NEW YORK (Reuters) - Canadian Finance Minister Jim Flaherty on Wednesday said that the Canadian economy is in good shape and can withstand a deeper U.S. slowdown with only a minor impact on growth.
In an interview with Reuters TV, he said the economy may grow at a 1.6 percent rate this year instead of 1.7 percent as previously projected.
But he added that “we are in the right area for our growth, we have low interest rates and relatively low inflation. The fundamentals are fine, they have not changed.”
After cutting benchmark interest rates by half a percentage point this week, the Bank of Canada said its outlook for the U.S. economy had deteriorated since January and warned of a “significant drag” on Canadian growth this year.
The central bank has slashed interest rates by 150 basis points since December, pushing borrowing costs to 3 percent.
Flaherty said Canada “will be affected” by slower U.S. growth, but added that “we have a different situation.”
“Our banks are well capitalized, they have good balance sheets, we have not had a housing bubble and our homeowners have got good balance sheets.”
Flaherty said high commodity prices and recent tax cuts should help Canada “weather the storm” in the United States, its biggest trading partner.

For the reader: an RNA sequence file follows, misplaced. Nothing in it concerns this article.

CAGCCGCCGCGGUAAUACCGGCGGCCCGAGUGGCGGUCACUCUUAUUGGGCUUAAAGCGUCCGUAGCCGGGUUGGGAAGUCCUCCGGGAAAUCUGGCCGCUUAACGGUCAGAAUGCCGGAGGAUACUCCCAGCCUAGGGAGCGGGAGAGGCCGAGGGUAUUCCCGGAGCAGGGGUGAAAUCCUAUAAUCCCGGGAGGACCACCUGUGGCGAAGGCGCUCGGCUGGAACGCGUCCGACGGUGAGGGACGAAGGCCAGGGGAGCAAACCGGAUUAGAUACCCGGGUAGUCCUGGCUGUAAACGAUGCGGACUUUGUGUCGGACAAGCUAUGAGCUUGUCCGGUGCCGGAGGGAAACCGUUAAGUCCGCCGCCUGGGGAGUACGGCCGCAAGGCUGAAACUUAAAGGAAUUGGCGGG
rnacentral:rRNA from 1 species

In a separate interview on Canada’s Business News Network television, though, Flaherty said the country would face a big setback if investors reject a proposed restructuring offer for C$32 ($31.7 billion) worth of asset-backed commercial paper that’s been frozen since last August.
“That would be a significant setback, a significant disappointment after all the work that’s been done to get that resolved within the private sector,” he said..
The ABCP issued by nonbank players seized up last summer when investors lost confidence due to concerns about links to U.S. subprime mortgages.
A special committee has drafted a proposal to convert the commercial paper into longer term notes, which can only succeed if a majority of investors approve it in a vote on Friday, but the process has become mired in uncertainty tied to legal issues.
Speaking to Bloomberg TV on Wednesday, Flaherty said officials from the Group of Seven rich countries did not discuss coordinated intervention in currency markets when they met earlier this month.
The G7, which comprises the United States, Canada, Britain, Germany, France, Italy and Japan, voiced concern about sharp fluctuations in currency markets, though Flaherty said his had had little impact on exchange rates.
The U.S. dollar, which began falling sharply last summer, has continued its slide, hitting a record low against the euro on Tuesday, and has remained near parity with the Canadian dollar.
(Additional reporting by Louise Egan in Toronto)
Editing by Theodore d'Afflisio